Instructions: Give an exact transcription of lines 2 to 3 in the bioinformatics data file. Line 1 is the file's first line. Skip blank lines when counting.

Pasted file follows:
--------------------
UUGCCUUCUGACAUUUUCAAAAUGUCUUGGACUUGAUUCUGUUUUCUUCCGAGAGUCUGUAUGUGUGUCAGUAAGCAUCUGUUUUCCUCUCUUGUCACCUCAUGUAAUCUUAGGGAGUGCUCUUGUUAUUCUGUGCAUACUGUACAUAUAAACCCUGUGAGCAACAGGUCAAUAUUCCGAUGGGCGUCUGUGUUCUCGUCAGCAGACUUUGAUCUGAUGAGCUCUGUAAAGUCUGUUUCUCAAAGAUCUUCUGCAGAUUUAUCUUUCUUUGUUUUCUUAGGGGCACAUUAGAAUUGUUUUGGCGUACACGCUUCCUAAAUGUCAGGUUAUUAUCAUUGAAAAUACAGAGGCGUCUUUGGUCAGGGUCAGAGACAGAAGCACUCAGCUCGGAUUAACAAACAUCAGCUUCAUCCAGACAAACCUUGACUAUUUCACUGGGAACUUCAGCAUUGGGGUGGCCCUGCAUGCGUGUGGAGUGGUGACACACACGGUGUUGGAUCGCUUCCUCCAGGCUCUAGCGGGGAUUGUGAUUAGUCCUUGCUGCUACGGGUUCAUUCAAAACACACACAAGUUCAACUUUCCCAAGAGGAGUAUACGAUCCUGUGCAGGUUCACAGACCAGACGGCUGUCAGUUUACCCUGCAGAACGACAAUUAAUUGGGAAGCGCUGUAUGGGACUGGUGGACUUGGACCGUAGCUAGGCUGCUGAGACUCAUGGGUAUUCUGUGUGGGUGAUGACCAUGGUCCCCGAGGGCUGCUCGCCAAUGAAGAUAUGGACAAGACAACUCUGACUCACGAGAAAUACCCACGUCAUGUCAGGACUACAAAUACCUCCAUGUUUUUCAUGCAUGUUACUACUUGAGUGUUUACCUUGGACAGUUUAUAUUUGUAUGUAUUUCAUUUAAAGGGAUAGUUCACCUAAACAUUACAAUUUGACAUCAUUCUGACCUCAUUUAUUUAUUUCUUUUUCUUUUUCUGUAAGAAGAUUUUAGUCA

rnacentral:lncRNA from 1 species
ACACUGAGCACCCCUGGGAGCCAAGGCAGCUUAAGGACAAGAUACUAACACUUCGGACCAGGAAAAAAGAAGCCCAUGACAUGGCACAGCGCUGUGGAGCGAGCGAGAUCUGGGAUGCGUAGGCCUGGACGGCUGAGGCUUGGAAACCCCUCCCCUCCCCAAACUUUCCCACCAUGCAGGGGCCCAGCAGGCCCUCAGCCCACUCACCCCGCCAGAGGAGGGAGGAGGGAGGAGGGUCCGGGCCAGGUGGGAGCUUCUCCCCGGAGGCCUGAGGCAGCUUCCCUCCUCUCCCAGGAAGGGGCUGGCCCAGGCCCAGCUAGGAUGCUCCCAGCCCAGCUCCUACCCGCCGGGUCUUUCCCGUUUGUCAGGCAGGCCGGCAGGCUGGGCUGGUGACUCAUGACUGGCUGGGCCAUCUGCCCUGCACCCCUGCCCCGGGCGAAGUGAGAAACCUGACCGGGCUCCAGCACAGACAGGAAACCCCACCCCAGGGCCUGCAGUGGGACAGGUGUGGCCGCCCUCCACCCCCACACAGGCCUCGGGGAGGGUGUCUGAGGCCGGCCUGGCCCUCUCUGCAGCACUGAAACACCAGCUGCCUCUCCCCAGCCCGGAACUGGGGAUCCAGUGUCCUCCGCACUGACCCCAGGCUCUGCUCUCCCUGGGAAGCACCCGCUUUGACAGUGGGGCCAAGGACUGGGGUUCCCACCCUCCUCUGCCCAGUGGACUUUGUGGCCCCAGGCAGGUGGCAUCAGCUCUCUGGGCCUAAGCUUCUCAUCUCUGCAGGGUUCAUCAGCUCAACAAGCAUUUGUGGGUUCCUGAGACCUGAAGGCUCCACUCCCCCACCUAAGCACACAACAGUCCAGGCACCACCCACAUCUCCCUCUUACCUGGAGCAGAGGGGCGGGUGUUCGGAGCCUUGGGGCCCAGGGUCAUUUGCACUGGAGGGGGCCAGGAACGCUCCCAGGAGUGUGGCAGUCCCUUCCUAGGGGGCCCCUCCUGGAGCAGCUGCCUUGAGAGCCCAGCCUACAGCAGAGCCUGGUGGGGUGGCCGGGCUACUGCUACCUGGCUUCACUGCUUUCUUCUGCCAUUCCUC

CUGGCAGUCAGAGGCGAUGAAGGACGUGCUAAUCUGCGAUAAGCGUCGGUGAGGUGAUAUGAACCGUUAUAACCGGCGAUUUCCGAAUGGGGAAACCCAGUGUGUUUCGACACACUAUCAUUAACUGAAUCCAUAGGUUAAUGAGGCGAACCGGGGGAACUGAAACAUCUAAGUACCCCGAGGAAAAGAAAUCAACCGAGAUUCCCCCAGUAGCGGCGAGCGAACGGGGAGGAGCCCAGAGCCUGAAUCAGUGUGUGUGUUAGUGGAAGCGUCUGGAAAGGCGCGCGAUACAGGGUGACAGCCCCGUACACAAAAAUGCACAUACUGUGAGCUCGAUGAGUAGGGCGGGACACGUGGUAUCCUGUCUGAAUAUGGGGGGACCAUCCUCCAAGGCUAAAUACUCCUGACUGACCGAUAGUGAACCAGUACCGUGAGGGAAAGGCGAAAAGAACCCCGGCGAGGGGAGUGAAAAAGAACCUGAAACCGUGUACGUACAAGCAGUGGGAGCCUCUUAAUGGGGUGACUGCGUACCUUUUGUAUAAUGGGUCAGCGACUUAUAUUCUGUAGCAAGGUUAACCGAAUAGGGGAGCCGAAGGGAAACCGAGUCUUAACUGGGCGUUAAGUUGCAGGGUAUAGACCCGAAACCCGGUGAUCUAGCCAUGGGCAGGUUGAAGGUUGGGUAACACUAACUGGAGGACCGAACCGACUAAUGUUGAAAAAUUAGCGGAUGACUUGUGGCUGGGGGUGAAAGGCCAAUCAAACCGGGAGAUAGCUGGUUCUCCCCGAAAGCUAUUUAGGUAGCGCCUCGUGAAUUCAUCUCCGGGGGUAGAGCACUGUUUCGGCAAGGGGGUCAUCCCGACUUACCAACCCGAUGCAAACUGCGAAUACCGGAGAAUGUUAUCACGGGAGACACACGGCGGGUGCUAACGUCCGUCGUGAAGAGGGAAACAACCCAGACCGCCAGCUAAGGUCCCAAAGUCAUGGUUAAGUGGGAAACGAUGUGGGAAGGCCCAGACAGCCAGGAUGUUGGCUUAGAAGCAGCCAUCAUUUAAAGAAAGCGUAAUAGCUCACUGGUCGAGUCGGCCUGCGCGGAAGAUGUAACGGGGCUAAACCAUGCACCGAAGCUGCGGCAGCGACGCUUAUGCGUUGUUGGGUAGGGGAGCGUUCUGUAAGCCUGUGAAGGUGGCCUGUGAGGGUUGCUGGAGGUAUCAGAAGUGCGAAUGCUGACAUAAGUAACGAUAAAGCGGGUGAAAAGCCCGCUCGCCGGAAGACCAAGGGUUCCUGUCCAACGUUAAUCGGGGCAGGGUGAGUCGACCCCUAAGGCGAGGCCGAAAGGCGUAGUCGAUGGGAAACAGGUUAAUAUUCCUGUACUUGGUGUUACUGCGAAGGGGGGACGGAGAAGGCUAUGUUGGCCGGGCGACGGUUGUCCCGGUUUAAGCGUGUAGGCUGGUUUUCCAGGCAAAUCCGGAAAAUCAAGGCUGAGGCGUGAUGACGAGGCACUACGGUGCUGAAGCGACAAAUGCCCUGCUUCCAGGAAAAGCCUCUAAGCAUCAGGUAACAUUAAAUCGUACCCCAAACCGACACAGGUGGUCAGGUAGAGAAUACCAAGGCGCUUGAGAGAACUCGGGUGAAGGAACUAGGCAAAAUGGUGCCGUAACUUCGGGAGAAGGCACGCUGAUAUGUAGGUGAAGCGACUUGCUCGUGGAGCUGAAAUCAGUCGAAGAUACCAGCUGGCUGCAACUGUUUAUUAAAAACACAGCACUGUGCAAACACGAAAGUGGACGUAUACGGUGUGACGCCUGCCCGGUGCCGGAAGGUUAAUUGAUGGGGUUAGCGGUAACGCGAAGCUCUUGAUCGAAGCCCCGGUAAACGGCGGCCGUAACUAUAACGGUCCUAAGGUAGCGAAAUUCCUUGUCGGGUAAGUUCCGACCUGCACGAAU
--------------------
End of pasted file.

rnacentral:lncRNA from 1 species
ACACUGAGCACCCCUGGGAGCCAAGGCAGCUUAAGGACAAGAUACUAACACUUCGGACCAGGAAAAAAGAAGCCCAUGACAUGGCACAGCGCUGUGGAGCGAGCGAGAUCUGGGAUGCGUAGGCCUGGACGGCUGAGGCUUGGAAACCCCUCCCCUCCCCAAACUUUCCCACCAUGCAGGGGCCCAGCAGGCCCUCAGCCCACUCACCCCGCCAGAGGAGGGAGGAGGGAGGAGGGUCCGGGCCAGGUGGGAGCUUCUCCCCGGAGGCCUGAGGCAGCUUCCCUCCUCUCCCAGGAAGGGGCUGGCCCAGGCCCAGCUAGGAUGCUCCCAGCCCAGCUCCUACCCGCCGGGUCUUUCCCGUUUGUCAGGCAGGCCGGCAGGCUGGGCUGGUGACUCAUGACUGGCUGGGCCAUCUGCCCUGCACCCCUGCCCCGGGCGAAGUGAGAAACCUGACCGGGCUCCAGCACAGACAGGAAACCCCACCCCAGGGCCUGCAGUGGGACAGGUGUGGCCGCCCUCCACCCCCACACAGGCCUCGGGGAGGGUGUCUGAGGCCGGCCUGGCCCUCUCUGCAGCACUGAAACACCAGCUGCCUCUCCCCAGCCCGGAACUGGGGAUCCAGUGUCCUCCGCACUGACCCCAGGCUCUGCUCUCCCUGGGAAGCACCCGCUUUGACAGUGGGGCCAAGGACUGGGGUUCCCACCCUCCUCUGCCCAGUGGACUUUGUGGCCCCAGGCAGGUGGCAUCAGCUCUCUGGGCCUAAGCUUCUCAUCUCUGCAGGGUUCAUCAGCUCAACAAGCAUUUGUGGGUUCCUGAGACCUGAAGGCUCCACUCCCCCACCUAAGCACACAACAGUCCAGGCACCACCCACAUCUCCCUCUUACCUGGAGCAGAGGGGCGGGUGUUCGGAGCCUUGGGGCCCAGGGUCAUUUGCACUGGAGGGGGCCAGGAACGCUCCCAGGAGUGUGGCAGUCCCUUCCUAGGGGGCCCCUCCUGGAGCAGCUGCCUUGAGAGCCCAGCCUACAGCAGAGCCUGGUGGGGUGGCCGGGCUACUGCUACCUGGCUUCACUGCUUUCUUCUGCCAUUCCUC